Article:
taste, struggle and place

group 1

(L-R): Deborah Ruiz Wall, Laila El-Haddad, and Beryl Van-Oploo

12 April 2017

Tonight was a night when my Aboriginal elder friend, Aunty Beryl and I attended a function headlined as ‘taste, struggle and place: an evening of food and discussion with Laila El-Haddad’ held at Yaama Dhiyaan in Wilson Street, Darlington.

The food was indeed delicious ranging from shorabit freekah (cracked green wheat cooked in a spiced free range chicken broth with a twist of lemon), samak bi t’heena (marinated and lightly fried fillet of fish served with sweet caramelized onions and a light tahini sauce), and much more. The recipes were drawn from Laila El-Haddad & Maggie Schmitt’s cook book, The Gaza Kitchen: a Palestinian Culinary Journey published by Just World Books in 2016.

El-Haddad did not want the people’s conversation over the meal to portray Gaza as ‘a caricature’. Rather she wanted the conversation to lead to more intelligent choices towards Gaza’s future. She likened Gaza’s occupation to ‘eating the people’ — an imagery so elemental, so grounding, that eating and sharing food could not but be, in one sense, ‘bitter sweet’.

Laila 2

Laila El-Haddad (right) being interviewed on stage

The book El-Haddad & Schmitt wrote was not just a cookbook. It was also a ‘story book’. El-Haddad pointed out that the continuing Israeli settlement in Gaza could not be sustainable for a ‘Two-State’ policy. Like Jerusalem, Gaza had become an apartheid state.

She said that the problem was not about people getting along with each other. Rather it was about people maintaining their humanity and retaining their dignity. For her, the basic clue to sustainability was the farmers of Gaza. Could the farmers continue to keep planting their olive tree, keep living, and celebrate life?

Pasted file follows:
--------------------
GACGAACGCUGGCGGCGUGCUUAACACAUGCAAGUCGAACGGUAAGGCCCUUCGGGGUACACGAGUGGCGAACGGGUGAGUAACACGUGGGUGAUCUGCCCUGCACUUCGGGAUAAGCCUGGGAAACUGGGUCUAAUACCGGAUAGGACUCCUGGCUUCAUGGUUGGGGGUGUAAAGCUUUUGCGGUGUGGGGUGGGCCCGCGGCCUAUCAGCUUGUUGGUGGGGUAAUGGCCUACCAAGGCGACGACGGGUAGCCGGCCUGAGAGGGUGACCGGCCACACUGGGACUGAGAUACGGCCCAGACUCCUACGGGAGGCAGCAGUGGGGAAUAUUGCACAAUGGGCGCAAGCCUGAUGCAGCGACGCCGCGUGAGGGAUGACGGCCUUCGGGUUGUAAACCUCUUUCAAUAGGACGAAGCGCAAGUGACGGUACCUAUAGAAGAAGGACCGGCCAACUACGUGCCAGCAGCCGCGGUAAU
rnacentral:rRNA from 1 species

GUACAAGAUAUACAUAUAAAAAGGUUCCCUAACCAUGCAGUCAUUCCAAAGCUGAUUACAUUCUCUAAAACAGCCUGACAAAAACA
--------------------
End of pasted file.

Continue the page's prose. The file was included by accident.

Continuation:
Indeed ‘taste, struggle and place’ tonight turned out to be a stimulant for all guests to eat and think and ‘read’ Gaza as a place subject to settler appropriation of people’s inherent rights.

The moral of this story: we cannot divorce food from its history. Now I see more clearly the imagery of ‘settler occupation’ tantamount to ‘eating the people of Gaza!’

————– * ————–

Eight years ago, I was moved by media stories about Gaza that prodded me to write a short poem published online by Eureka Street on 3 February 2009.


 Lament over Gaza

It crushes my heart to watch
injured and lifeless children
in Gaza — collateral damage
or sheer madness?

‘Land is life’, my Indigenous mentors
proclaimed, but I see its antithesis
now when tortured eyes conjure
bipolar images of stories retold
over and over by diasporic tribes
where past, present and future
coalesce in a war of retribution
so that in Palestine: land equals death.

Talk is not cheap, the war machine
that silences the whispering from beyond
our earthly dreams, will keep us all in chains
— away from reaching the fullness
of our humanity, away from
our oneness with the sanctity of all life.


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